Day: 2010/11/16

Sweetlinks of the Rodeo—“Dean” Tamanaha Destroys His Law School to Save It

Three quick links:

(1) Brian Tamanaha, “My ‘Dean’s Vision’ Acceptance Speech,” in Balkanization

Anti-law school tuition bubble superhero Brian Tamanaha writes a speech that would likely cause faculty to flee in rage while his law school’s US News ranking irreparably plummets…until the tuition bubble pops.

I deliver unto you Dean Tamanaha’s prophecy, behold!

No one knows when the crunch will happen—and it won’t happen at the same time or in the same way for every law school—but happen it will. The schools trapped in this crunch will be those that have embarked on substantial expansions of their faculty. Faculty is the biggest expense on the budget—and tenure makes it difficult to trim this expense. To pay the bills, these schools will be forced to take more students from a declining pool of applicants (leading to a reduction in student credentials), and they will be forced to take greater numbers of transfers from schools of much lower standing. Those lower down schools, in turn, will suffer a serious revenue drain from the departure of a significant proportion of their upper level students.

One quibble: I think it might help a bit if the dean were to lower his law school’s enrollment.

Now let’s see if any law school will hire him as dean.

(2) Managing Partner, “Restoring Dignity to the Law – Those Entering Law School” Part 1 and Part 2, in The Legal Dollar

Managing Partner’s conclusions are similar to my own (namely crushing the tuition bubble, requiring experience before law school), but if you scroll down to my comments, you’ll find I’m a bit more revolutionary than he is.  Specifically, I think we need to specialize the profession along a certification system (one for practice areas as they exist, not a la bar exams designed for general practitioners of 100 years ago), and require several years’ experience up front in a variety of contexts, e.g. paralegals, police detectives, &c.

(Essentially, I was gearing up to a post like this, so I’m a little jealous MP beat me to it.  Early bird, sir.  Early bird.)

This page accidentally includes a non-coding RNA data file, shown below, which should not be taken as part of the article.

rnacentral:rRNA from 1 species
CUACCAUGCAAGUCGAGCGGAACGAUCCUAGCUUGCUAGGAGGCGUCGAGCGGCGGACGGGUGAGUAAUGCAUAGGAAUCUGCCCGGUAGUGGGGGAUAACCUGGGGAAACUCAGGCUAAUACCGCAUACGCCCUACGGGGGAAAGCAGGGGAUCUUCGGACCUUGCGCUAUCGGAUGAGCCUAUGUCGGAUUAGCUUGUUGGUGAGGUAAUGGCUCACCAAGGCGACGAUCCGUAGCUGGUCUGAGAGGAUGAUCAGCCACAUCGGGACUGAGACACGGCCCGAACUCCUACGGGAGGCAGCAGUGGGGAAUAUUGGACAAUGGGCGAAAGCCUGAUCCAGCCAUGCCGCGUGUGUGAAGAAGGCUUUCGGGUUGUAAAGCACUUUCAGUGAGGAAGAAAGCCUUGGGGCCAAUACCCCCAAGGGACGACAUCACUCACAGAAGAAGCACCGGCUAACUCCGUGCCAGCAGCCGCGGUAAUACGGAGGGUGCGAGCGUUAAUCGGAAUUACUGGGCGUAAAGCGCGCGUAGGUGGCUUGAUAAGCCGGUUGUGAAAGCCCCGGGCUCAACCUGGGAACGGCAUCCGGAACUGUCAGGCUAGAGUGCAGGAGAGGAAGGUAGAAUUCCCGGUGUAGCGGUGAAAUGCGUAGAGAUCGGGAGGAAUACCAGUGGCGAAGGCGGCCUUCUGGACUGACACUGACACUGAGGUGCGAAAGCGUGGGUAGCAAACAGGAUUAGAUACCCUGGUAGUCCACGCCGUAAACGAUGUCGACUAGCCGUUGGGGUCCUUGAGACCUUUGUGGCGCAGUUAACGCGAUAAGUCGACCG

(2) Knut, “New York Times Columnist and Cardozo Law Visiting Professor Defends Tuition Increases,” in First Tier Toilet !


Stanley Fish, “There Is No College Cost Crisis,” in The New York Times Blog

I’m just gonna outsource this because I’m really busy this week, so you’ll get no detailed evaluation of either the original or the FTT rebuttal.  I took this nugget:

Just because you are trying to score points by bringing up John “Bailout” Boehner (and, by implication, the Tea Party/Republican resurgence) does not mean that the reader should sympathize with overpaid professors who teach at dubious institutions like Cardozo Law, one of the more prominent culprits of the “law school scam.” This issue, unfortunately for law professors like Mr. Fish, unites both right-wing and left-wing students, who share the same goal of not being exploited or swindled.

One thing I’ve noticed is how clear the tuition bubble (law or higher ed) is to people who are either right-leaning or libertarians, whereas I’m neither.  Now, there’s good reason to suspect an ideological basis for these beliefs: rightists hate universities for corrupting our youth with evil liberal ideas like income inequality being a problem in society, and libertarians hate government period.  The only liberal who’s commented on higher education reform is Robert Reich, who argues that professionals should pay 10% of their income for 10 years back to the government.  By contrast, my economic hero, Dean Baker, appears clueless as to the legal profession’s ills.

I’d prefer a more robust coalition.

Folks, as I said, I’m gonna busy all the rest of this week, so I’ll cover up my absence with some rock and roll later.